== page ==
Nigeria Government on Thursday, May 27, 2021 called for collective efforts to tackle insecurity and environmental challenges in the Niger Basin.
The Chairman, Council of Ministers of the Niger Basin Authority (NBA), Mr Suleiman Adamu, made the call at the 12th Extraordinary Session of the Council in Abuja.
The NBA was created in November, 1980 with Benin Republic, Burkina Faso, Cote d’Ivoire, Cameroon, Guinea, Mali, Niger, Nigeria and Chad as members. Its headquarters is in Niamey, Niger Republic.
According to him, it appears that same issues with the loss of livelihood support for inhabitants of the Lake Chad Basin was inherent in the Niger Basin axis, hence the need for climate resilience interventions to sustain the population.
He said member countries ought to speedy up the implementation of both the Climate Resilience Investment Plan (CRIP) and the operational plans to enable the population feel the impact of the NBA.
“While we are looking at Lake Chad as a major security and environmental issue, it appears that River Niger is also going the same way unfortunately.
“And it is quiet a wake up call for us all that we have a lot in our hands. Not only do we have to be dealing with similar issues in Chad Basin, but also in the River Niger.
“Cameroon, Niger and Chad for instance are members of the Lake Chad Basin Commision, in addition to Nigeria. So common problems, similar issues and collective efforts”.
Adamu, who is the Minister of Water Resources, noted that NBA was able to reach consensus on construction of upstream dams in Niger and in Guinea, saying deliberations were ongoing on potential impact of the projects.
He noted that such progress was evident with the construction of a flood observatory post which gave early warnings on annual floods in River Niger.
This, the minister said, had seen an awareness on alerting emergency services on potentials of flood in the Niger Basin area and for the benefit of the member countries.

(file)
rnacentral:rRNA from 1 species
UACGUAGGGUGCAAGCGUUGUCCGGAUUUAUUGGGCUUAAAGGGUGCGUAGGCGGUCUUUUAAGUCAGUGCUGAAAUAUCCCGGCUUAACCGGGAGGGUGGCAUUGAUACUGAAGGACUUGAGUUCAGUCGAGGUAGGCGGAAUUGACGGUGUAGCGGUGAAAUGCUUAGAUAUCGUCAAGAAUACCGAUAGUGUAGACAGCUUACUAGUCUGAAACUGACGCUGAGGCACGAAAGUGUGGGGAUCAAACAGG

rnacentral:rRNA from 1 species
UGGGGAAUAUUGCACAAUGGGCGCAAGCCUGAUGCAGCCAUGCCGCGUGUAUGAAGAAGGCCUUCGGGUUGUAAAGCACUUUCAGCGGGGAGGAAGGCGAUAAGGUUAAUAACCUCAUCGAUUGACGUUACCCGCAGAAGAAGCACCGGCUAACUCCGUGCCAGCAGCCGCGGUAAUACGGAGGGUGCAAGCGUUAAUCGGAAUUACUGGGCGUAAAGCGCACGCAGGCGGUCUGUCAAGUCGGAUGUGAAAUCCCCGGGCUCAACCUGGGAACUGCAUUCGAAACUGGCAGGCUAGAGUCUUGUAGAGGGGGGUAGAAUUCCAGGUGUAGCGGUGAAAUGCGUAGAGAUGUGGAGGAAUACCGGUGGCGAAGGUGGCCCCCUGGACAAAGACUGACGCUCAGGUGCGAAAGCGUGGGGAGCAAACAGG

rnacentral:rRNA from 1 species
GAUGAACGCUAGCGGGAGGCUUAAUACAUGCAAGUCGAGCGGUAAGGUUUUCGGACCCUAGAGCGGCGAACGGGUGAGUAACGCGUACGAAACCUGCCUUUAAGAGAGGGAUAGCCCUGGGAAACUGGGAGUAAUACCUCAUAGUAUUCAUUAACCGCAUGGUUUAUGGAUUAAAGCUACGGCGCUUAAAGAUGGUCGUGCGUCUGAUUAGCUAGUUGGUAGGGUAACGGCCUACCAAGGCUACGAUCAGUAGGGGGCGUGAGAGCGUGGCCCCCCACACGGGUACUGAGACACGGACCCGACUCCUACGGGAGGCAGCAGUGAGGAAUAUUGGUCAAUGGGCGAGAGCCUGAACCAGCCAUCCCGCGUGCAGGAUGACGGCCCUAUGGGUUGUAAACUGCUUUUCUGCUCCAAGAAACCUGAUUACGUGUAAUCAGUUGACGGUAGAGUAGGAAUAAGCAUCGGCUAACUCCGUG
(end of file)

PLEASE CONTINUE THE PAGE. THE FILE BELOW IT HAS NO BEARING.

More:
Adamu said Nigeria spearheaded the initiation of the construction of a new NBA headquarters, urging member countries to put in money to fund its construction.
He said Niger and Benin Republic had paid their contributions in full, saying Nigeria has however also paid its contribution partially.
“COVID has done a lot of havoc to the NBA progress. We made two attempts to hold this summit and even the ability of member countries to pay their contributions has made a lot of hardship for some.
“In fact, we had to have an emergency measure to reduce the operational budget of NBA by 40 per cent, because member countries were finding it difficult to make payment.
“I am confident that all the nine countries are equally capable of running the affairs of NBA.”
The Executive Secretary of the NBA, Mr Abderahim Bireme, said the security situation required that member countries intensified efforts for effective and efficient implementation of programmes that promote access to jobs and sustainable income generating activities.
Bireme noted that with the rehabilitation of Jebba and Kainji dams in Nigeria, there was need to maintain the spirit of shared vision to concretise the construction of more infrastructure like the Fomi dam in Guniea, Taoussa dam in Mali among others.
“The construction of these works will significantly improve the living conditions of our people, we will be able to value the water resource in the areas of agriculture, livestock, fisheries, energy and river transportation”.
The executive secretary commended some member countries for their efforts in payment of their financial contributions, saying this had led to an increase in fortune and improved regional and international cooperation.
The Niger Basin, like other river basins in the subregion, is experiencing a degradation of its natural resources related to the combined effects of climate change and pressure of growing populations.
The extraordinary meeting brought to end the 5-year tenure of Nigeria as chairman of heads of states of the NBA.
By Tosin Kolade